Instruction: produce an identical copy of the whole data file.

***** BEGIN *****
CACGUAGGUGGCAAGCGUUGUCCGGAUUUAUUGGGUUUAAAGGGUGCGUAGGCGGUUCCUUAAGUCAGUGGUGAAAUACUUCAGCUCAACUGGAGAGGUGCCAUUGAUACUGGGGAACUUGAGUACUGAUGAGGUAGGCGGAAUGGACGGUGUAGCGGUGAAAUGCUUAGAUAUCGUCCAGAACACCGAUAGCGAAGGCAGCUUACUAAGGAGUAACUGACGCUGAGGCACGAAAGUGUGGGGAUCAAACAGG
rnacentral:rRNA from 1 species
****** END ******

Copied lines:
CACGUAGGUGGCAAGCGUUGUCCGGAUUUAUUGGGUUUAAAGGGUGCGUAGGCGGUUCCUUAAGUCAGUGGUGAAAUACUUCAGCUCAACUGGAGAGGUGCCAUUGAUACUGGGGAACUUGAGUACUGAUGAGGUAGGCGGAAUGGACGGUGUAGCGGUGAAAUGCUUAGAUAUCGUCCAGAACACCGAUAGCGAAGGCAGCUUACUAAGGAGUAACUGACGCUGAGGCACGAAAGUGUGGGGAUCAAACAGG
rnacentral:rRNA from 1 species